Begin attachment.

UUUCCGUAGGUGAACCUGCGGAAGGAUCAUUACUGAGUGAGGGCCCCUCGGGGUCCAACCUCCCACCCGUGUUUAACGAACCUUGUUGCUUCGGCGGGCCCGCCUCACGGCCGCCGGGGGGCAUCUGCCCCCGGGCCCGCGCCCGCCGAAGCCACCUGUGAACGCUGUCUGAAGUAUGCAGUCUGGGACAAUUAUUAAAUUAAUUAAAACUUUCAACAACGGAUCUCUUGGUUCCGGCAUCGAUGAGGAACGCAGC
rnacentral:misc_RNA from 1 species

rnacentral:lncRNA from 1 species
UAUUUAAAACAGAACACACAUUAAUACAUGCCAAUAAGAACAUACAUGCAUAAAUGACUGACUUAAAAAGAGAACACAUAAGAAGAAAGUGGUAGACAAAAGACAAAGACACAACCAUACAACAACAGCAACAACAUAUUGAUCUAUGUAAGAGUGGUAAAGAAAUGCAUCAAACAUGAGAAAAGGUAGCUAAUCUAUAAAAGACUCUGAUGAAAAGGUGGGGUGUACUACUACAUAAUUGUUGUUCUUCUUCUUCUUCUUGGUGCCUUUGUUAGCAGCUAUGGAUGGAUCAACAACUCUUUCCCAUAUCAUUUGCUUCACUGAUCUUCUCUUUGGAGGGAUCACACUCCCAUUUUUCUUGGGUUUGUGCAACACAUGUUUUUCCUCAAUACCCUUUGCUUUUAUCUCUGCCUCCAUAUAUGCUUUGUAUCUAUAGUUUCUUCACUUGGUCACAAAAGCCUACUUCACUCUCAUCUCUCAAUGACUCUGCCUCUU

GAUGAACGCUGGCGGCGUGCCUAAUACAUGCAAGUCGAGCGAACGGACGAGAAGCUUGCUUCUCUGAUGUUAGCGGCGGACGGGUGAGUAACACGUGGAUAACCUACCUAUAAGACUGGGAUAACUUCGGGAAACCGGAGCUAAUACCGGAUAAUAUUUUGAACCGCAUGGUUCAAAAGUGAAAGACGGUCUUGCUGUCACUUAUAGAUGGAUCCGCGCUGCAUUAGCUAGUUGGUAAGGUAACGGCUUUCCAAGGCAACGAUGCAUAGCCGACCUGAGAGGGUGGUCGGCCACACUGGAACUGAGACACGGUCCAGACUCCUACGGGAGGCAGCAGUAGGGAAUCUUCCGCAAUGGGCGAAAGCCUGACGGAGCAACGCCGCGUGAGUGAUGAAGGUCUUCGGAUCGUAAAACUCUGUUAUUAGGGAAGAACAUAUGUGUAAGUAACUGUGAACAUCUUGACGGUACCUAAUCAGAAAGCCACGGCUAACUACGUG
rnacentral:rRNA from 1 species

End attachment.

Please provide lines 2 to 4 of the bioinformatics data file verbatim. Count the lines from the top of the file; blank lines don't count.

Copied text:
rnacentral:misc_RNA from 1 species

rnacentral:lncRNA from 1 species
UAUUUAAAACAGAACACACAUUAAUACAUGCCAAUAAGAACAUACAUGCAUAAAUGACUGACUUAAAAAGAGAACACAUAAGAAGAAAGUGGUAGACAAAAGACAAAGACACAACCAUACAACAACAGCAACAACAUAUUGAUCUAUGUAAGAGUGGUAAAGAAAUGCAUCAAACAUGAGAAAAGGUAGCUAAUCUAUAAAAGACUCUGAUGAAAAGGUGGGGUGUACUACUACAUAAUUGUUGUUCUUCUUCUUCUUCUUGGUGCCUUUGUUAGCAGCUAUGGAUGGAUCAACAACUCUUUCCCAUAUCAUUUGCUUCACUGAUCUUCUCUUUGGAGGGAUCACACUCCCAUUUUUCUUGGGUUUGUGCAACACAUGUUUUUCCUCAAUACCCUUUGCUUUUAUCUCUGCCUCCAUAUAUGCUUUGUAUCUAUAGUUUCUUCACUUGGUCACAAAAGCCUACUUCACUCUCAUCUCUCAAUGACUCUGCCUCUU